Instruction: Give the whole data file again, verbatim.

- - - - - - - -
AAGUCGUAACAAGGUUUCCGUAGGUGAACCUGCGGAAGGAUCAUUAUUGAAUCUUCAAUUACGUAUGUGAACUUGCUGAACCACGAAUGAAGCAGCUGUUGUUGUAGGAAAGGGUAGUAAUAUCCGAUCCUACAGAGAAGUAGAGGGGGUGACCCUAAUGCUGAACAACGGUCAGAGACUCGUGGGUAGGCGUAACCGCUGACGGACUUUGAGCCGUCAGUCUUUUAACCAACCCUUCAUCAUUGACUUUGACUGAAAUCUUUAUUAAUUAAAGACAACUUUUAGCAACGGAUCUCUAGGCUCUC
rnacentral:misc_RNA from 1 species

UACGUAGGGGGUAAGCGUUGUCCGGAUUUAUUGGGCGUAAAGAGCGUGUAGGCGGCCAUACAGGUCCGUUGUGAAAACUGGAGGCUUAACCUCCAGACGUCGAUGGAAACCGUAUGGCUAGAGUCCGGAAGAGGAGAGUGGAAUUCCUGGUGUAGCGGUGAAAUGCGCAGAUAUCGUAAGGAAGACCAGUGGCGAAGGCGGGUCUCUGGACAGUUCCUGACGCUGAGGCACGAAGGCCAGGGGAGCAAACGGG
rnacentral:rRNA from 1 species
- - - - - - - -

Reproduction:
AAGUCGUAACAAGGUUUCCGUAGGUGAACCUGCGGAAGGAUCAUUAUUGAAUCUUCAAUUACGUAUGUGAACUUGCUGAACCACGAAUGAAGCAGCUGUUGUUGUAGGAAAGGGUAGUAAUAUCCGAUCCUACAGAGAAGUAGAGGGGGUGACCCUAAUGCUGAACAACGGUCAGAGACUCGUGGGUAGGCGUAACCGCUGACGGACUUUGAGCCGUCAGUCUUUUAACCAACCCUUCAUCAUUGACUUUGACUGAAAUCUUUAUUAAUUAAAGACAACUUUUAGCAACGGAUCUCUAGGCUCUC
rnacentral:misc_RNA from 1 species

UACGUAGGGGGUAAGCGUUGUCCGGAUUUAUUGGGCGUAAAGAGCGUGUAGGCGGCCAUACAGGUCCGUUGUGAAAACUGGAGGCUUAACCUCCAGACGUCGAUGGAAACCGUAUGGCUAGAGUCCGGAAGAGGAGAGUGGAAUUCCUGGUGUAGCGGUGAAAUGCGCAGAUAUCGUAAGGAAGACCAGUGGCGAAGGCGGGUCUCUGGACAGUUCCUGACGCUGAGGCACGAAGGCCAGGGGAGCAAACGGG
rnacentral:rRNA from 1 species